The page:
Wish me luck when you say goodbye”, Troops aboard the transport at Port Melbourne, ca.1940; H98.101/1973

The Railway Pier was a major point of departure for troops off to fight in the Boer War in South Africa late in the nineteenth century. It was also the point of departure and return for many Australian volunteer troops who boarded ships to take them to fight in World Wars I & II.  Many families, other supporters, and well-wishers would crowd the areas near the piers to farewell departing troops or greet any returning ones.

Australian troops walking as a group in Middle East  early World WarII
Australian troops in North Africa and the Middle East during the early stages of World War Two, 1940/41; H99.202/2332

Station Pier also holds special memories for many immigrants to Australia. It was the point of arrival to Melbourne, from the mid-19th century onwards, but especially after World War II when European immigration numbers soared to Melbourne, through to the early 1970s when airplanes replaced shipping as a means of travel to Melbourne.

Aerial image of both Station Pier and Prince's at Port of Melbourne
Aerial view of Station and Prince’s Piers, Port Melbourne.; H2016.33/55

Today the berths on Station Pier are used either by cruise ships or other ships which need to replenish supplies or undertake works. The Pier is no longer open to the public.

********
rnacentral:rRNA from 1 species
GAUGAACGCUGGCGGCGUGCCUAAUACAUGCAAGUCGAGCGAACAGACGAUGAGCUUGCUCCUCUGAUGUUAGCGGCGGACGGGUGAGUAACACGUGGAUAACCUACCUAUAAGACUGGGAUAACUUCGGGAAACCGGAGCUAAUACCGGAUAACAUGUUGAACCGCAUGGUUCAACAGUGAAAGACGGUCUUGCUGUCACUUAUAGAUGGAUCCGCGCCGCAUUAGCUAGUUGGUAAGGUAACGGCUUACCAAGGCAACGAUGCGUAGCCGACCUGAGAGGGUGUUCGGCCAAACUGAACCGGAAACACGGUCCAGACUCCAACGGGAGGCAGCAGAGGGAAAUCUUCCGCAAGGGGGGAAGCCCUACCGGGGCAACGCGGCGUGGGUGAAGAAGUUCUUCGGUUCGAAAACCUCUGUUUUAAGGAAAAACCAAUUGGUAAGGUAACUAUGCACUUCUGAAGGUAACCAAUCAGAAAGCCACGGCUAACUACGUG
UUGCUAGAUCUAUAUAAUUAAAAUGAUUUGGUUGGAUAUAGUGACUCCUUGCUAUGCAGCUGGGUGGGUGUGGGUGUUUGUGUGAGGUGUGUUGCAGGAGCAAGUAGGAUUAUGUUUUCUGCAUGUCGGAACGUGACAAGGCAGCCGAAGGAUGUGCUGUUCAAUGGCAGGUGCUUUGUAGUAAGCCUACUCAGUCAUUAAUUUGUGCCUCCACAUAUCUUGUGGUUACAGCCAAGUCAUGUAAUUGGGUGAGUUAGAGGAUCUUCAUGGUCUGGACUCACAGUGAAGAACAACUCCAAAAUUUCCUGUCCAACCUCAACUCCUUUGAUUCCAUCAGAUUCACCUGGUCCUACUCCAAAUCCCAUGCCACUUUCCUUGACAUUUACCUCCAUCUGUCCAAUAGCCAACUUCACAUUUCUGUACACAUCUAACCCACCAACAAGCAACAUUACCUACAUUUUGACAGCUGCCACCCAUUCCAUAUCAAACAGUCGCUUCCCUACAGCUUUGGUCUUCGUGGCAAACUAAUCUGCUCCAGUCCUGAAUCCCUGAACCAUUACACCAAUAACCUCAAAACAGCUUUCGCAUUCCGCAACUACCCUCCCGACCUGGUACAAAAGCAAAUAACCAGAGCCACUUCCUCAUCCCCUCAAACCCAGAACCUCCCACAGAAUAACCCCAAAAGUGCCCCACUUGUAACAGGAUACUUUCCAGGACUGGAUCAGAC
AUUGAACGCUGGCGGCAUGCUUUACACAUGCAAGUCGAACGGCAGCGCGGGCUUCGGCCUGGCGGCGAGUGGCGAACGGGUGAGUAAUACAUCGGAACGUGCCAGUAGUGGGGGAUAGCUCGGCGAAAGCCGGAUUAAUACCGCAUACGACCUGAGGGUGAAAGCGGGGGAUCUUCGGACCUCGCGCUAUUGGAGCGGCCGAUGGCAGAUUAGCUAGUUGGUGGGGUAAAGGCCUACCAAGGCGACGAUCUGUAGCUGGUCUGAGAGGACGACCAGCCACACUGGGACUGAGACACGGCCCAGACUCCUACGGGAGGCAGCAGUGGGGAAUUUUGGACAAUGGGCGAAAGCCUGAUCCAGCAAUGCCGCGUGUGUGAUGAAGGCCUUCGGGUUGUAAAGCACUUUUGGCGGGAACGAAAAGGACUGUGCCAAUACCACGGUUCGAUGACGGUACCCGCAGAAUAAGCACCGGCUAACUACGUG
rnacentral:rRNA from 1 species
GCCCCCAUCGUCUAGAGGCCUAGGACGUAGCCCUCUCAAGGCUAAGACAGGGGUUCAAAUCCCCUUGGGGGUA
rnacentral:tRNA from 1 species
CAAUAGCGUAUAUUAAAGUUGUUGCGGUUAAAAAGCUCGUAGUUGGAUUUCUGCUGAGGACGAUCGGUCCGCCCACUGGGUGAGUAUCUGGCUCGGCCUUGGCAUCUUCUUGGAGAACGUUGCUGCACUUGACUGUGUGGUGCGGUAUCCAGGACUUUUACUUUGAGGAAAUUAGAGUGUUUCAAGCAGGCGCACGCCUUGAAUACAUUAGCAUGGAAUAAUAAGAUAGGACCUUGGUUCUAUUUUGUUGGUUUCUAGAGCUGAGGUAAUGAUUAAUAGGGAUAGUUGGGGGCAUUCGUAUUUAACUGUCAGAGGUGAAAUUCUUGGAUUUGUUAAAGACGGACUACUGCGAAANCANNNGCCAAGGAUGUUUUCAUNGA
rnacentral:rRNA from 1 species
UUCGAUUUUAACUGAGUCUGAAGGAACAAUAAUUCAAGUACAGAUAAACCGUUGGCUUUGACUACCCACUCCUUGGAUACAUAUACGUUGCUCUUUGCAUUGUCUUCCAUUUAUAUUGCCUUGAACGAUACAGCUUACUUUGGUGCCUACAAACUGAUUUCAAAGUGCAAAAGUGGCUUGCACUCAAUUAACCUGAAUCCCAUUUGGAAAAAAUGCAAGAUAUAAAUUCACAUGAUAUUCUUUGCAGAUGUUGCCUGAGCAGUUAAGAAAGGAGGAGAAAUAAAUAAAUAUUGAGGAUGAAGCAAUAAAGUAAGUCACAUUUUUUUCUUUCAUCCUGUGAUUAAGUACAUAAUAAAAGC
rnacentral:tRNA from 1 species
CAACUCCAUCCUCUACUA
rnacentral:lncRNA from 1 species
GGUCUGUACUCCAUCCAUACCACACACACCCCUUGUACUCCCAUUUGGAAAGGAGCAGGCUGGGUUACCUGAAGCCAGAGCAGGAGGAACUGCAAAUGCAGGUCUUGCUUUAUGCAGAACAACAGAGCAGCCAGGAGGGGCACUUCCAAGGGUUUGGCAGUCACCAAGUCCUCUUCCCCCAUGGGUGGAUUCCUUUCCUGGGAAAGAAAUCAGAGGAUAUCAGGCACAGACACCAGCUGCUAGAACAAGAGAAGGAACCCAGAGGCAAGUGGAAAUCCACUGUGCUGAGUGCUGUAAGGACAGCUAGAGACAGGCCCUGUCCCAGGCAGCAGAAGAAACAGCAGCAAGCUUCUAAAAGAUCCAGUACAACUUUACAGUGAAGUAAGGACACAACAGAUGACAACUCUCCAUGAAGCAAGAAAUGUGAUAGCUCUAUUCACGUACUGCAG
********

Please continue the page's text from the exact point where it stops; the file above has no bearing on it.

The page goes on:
1. Davies, J 2008, Beyond the facade : Flinders Street, more than just a railway station, J. Davies, Mt Macedon, p6; Lee, R, 2007, The railways of Victoria 1854-2004, Melbourne University Publishing, Carlton
  2. Barnard, J and Jennings, S, 2004, Welcome & farewell : the story of Station Pier, Australian Scholarly Publishing, Melbourne, pp 58-59
  3. Barnard, J and Jennings, S, 2004, Welcome & farewell : the story of Station Pier, Australian Scholarly Publishing, Melbourne, pp.66-76

This article has 10 comments

  1. Cheryl Mullens

    Thank you for this site. Station Pier has been woven throughout my family since the 1840’s. My grt grt grandmother arrived in Port Phillip in 1849. She was an Irish Orphan shipped over here after the potato famine by Earl Grey, the ship, the Pemberton had too deep a draught to sail all the way into the city so they had to disembark in Williamstown and walk until they met boats who paddled up to the Customs House. Her grandson in WW1 left and fought in France. Shipped off on the Wiltshire. He was wounded, recuperated at the Battle Hospital in Reading. Met a VAD nurse fell in love and after the war brought her and baby to Station Pier to start a new life in Melbourne.Their daughter met a British seaman during WW2 who had walked from his ship at Station Pier to St Kilda where she was showing her country cousin Luna Park. They got chatting and